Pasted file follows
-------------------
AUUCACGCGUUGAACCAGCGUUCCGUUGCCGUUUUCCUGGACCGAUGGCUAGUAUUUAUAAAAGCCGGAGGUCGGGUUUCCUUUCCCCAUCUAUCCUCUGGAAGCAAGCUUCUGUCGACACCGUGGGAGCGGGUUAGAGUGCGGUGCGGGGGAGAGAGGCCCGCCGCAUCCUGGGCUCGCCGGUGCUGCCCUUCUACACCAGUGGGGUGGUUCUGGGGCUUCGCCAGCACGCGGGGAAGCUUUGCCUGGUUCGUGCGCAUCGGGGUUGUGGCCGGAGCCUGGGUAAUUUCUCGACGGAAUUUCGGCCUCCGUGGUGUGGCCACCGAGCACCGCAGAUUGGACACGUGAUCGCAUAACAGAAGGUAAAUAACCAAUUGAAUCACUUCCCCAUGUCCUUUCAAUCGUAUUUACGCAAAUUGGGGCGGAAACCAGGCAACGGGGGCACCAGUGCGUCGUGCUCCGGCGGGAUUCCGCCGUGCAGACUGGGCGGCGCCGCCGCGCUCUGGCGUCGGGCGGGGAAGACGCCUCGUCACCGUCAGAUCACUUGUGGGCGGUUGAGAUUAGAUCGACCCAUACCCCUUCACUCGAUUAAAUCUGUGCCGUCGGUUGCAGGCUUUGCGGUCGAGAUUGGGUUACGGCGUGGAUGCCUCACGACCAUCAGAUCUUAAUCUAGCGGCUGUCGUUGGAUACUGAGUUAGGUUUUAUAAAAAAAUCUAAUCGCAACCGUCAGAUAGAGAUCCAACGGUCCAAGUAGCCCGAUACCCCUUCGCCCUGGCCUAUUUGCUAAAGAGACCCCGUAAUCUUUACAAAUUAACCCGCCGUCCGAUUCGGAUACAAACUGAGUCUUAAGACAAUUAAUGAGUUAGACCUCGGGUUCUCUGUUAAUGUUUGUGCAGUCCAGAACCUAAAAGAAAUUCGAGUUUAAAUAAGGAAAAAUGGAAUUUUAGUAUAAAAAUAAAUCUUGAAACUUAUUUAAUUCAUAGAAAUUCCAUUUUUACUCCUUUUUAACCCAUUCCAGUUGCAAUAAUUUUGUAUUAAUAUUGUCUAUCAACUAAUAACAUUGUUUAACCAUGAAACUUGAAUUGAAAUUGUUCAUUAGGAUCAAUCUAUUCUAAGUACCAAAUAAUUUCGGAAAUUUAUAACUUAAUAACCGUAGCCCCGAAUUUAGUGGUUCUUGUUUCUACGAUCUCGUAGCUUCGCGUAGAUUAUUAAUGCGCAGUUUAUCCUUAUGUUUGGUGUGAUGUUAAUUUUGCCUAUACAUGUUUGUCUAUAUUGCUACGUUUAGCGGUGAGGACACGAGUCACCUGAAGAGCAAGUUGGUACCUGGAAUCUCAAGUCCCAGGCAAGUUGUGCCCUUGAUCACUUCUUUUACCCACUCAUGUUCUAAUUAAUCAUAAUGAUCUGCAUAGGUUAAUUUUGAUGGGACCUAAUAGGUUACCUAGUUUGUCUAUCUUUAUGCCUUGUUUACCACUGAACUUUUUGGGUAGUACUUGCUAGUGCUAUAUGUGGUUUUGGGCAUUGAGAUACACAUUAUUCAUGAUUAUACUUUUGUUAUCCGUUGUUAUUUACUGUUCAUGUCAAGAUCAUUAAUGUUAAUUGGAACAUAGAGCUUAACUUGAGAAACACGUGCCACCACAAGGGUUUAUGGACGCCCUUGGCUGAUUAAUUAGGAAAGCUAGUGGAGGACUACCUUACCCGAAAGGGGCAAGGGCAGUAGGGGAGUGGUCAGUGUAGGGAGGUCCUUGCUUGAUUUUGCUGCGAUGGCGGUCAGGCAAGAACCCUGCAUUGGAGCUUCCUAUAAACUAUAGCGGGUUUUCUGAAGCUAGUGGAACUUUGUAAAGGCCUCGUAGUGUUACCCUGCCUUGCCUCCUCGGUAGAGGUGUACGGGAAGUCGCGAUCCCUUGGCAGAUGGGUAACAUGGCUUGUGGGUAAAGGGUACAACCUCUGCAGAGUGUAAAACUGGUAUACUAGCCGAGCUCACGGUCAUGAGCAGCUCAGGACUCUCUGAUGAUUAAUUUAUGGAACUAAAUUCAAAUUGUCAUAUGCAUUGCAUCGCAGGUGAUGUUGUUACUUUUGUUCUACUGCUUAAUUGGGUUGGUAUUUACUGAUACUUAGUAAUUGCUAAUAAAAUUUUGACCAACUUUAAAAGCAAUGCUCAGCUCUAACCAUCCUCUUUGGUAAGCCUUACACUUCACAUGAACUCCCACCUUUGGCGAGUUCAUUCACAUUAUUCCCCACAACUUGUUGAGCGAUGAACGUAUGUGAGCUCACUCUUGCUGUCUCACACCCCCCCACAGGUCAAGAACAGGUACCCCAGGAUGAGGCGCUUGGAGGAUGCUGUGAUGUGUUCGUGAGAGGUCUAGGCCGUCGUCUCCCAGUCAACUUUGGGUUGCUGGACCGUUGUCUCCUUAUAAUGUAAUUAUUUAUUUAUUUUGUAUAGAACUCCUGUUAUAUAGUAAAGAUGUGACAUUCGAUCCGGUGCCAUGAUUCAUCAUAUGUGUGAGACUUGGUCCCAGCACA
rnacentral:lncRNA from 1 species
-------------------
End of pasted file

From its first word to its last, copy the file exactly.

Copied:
AUUCACGCGUUGAACCAGCGUUCCGUUGCCGUUUUCCUGGACCGAUGGCUAGUAUUUAUAAAAGCCGGAGGUCGGGUUUCCUUUCCCCAUCUAUCCUCUGGAAGCAAGCUUCUGUCGACACCGUGGGAGCGGGUUAGAGUGCGGUGCGGGGGAGAGAGGCCCGCCGCAUCCUGGGCUCGCCGGUGCUGCCCUUCUACACCAGUGGGGUGGUUCUGGGGCUUCGCCAGCACGCGGGGAAGCUUUGCCUGGUUCGUGCGCAUCGGGGUUGUGGCCGGAGCCUGGGUAAUUUCUCGACGGAAUUUCGGCCUCCGUGGUGUGGCCACCGAGCACCGCAGAUUGGACACGUGAUCGCAUAACAGAAGGUAAAUAACCAAUUGAAUCACUUCCCCAUGUCCUUUCAAUCGUAUUUACGCAAAUUGGGGCGGAAACCAGGCAACGGGGGCACCAGUGCGUCGUGCUCCGGCGGGAUUCCGCCGUGCAGACUGGGCGGCGCCGCCGCGCUCUGGCGUCGGGCGGGGAAGACGCCUCGUCACCGUCAGAUCACUUGUGGGCGGUUGAGAUUAGAUCGACCCAUACCCCUUCACUCGAUUAAAUCUGUGCCGUCGGUUGCAGGCUUUGCGGUCGAGAUUGGGUUACGGCGUGGAUGCCUCACGACCAUCAGAUCUUAAUCUAGCGGCUGUCGUUGGAUACUGAGUUAGGUUUUAUAAAAAAAUCUAAUCGCAACCGUCAGAUAGAGAUCCAACGGUCCAAGUAGCCCGAUACCCCUUCGCCCUGGCCUAUUUGCUAAAGAGACCCCGUAAUCUUUACAAAUUAACCCGCCGUCCGAUUCGGAUACAAACUGAGUCUUAAGACAAUUAAUGAGUUAGACCUCGGGUUCUCUGUUAAUGUUUGUGCAGUCCAGAACCUAAAAGAAAUUCGAGUUUAAAUAAGGAAAAAUGGAAUUUUAGUAUAAAAAUAAAUCUUGAAACUUAUUUAAUUCAUAGAAAUUCCAUUUUUACUCCUUUUUAACCCAUUCCAGUUGCAAUAAUUUUGUAUUAAUAUUGUCUAUCAACUAAUAACAUUGUUUAACCAUGAAACUUGAAUUGAAAUUGUUCAUUAGGAUCAAUCUAUUCUAAGUACCAAAUAAUUUCGGAAAUUUAUAACUUAAUAACCGUAGCCCCGAAUUUAGUGGUUCUUGUUUCUACGAUCUCGUAGCUUCGCGUAGAUUAUUAAUGCGCAGUUUAUCCUUAUGUUUGGUGUGAUGUUAAUUUUGCCUAUACAUGUUUGUCUAUAUUGCUACGUUUAGCGGUGAGGACACGAGUCACCUGAAGAGCAAGUUGGUACCUGGAAUCUCAAGUCCCAGGCAAGUUGUGCCCUUGAUCACUUCUUUUACCCACUCAUGUUCUAAUUAAUCAUAAUGAUCUGCAUAGGUUAAUUUUGAUGGGACCUAAUAGGUUACCUAGUUUGUCUAUCUUUAUGCCUUGUUUACCACUGAACUUUUUGGGUAGUACUUGCUAGUGCUAUAUGUGGUUUUGGGCAUUGAGAUACACAUUAUUCAUGAUUAUACUUUUGUUAUCCGUUGUUAUUUACUGUUCAUGUCAAGAUCAUUAAUGUUAAUUGGAACAUAGAGCUUAACUUGAGAAACACGUGCCACCACAAGGGUUUAUGGACGCCCUUGGCUGAUUAAUUAGGAAAGCUAGUGGAGGACUACCUUACCCGAAAGGGGCAAGGGCAGUAGGGGAGUGGUCAGUGUAGGGAGGUCCUUGCUUGAUUUUGCUGCGAUGGCGGUCAGGCAAGAACCCUGCAUUGGAGCUUCCUAUAAACUAUAGCGGGUUUUCUGAAGCUAGUGGAACUUUGUAAAGGCCUCGUAGUGUUACCCUGCCUUGCCUCCUCGGUAGAGGUGUACGGGAAGUCGCGAUCCCUUGGCAGAUGGGUAACAUGGCUUGUGGGUAAAGGGUACAACCUCUGCAGAGUGUAAAACUGGUAUACUAGCCGAGCUCACGGUCAUGAGCAGCUCAGGACUCUCUGAUGAUUAAUUUAUGGAACUAAAUUCAAAUUGUCAUAUGCAUUGCAUCGCAGGUGAUGUUGUUACUUUUGUUCUACUGCUUAAUUGGGUUGGUAUUUACUGAUACUUAGUAAUUGCUAAUAAAAUUUUGACCAACUUUAAAAGCAAUGCUCAGCUCUAACCAUCCUCUUUGGUAAGCCUUACACUUCACAUGAACUCCCACCUUUGGCGAGUUCAUUCACAUUAUUCCCCACAACUUGUUGAGCGAUGAACGUAUGUGAGCUCACUCUUGCUGUCUCACACCCCCCCACAGGUCAAGAACAGGUACCCCAGGAUGAGGCGCUUGGAGGAUGCUGUGAUGUGUUCGUGAGAGGUCUAGGCCGUCGUCUCCCAGUCAACUUUGGGUUGCUGGACCGUUGUCUCCUUAUAAUGUAAUUAUUUAUUUAUUUUGUAUAGAACUCCUGUUAUAUAGUAAAGAUGUGACAUUCGAUCCGGUGCCAUGAUUCAUCAUAUGUGUGAGACUUGGUCCCAGCACA
rnacentral:lncRNA from 1 species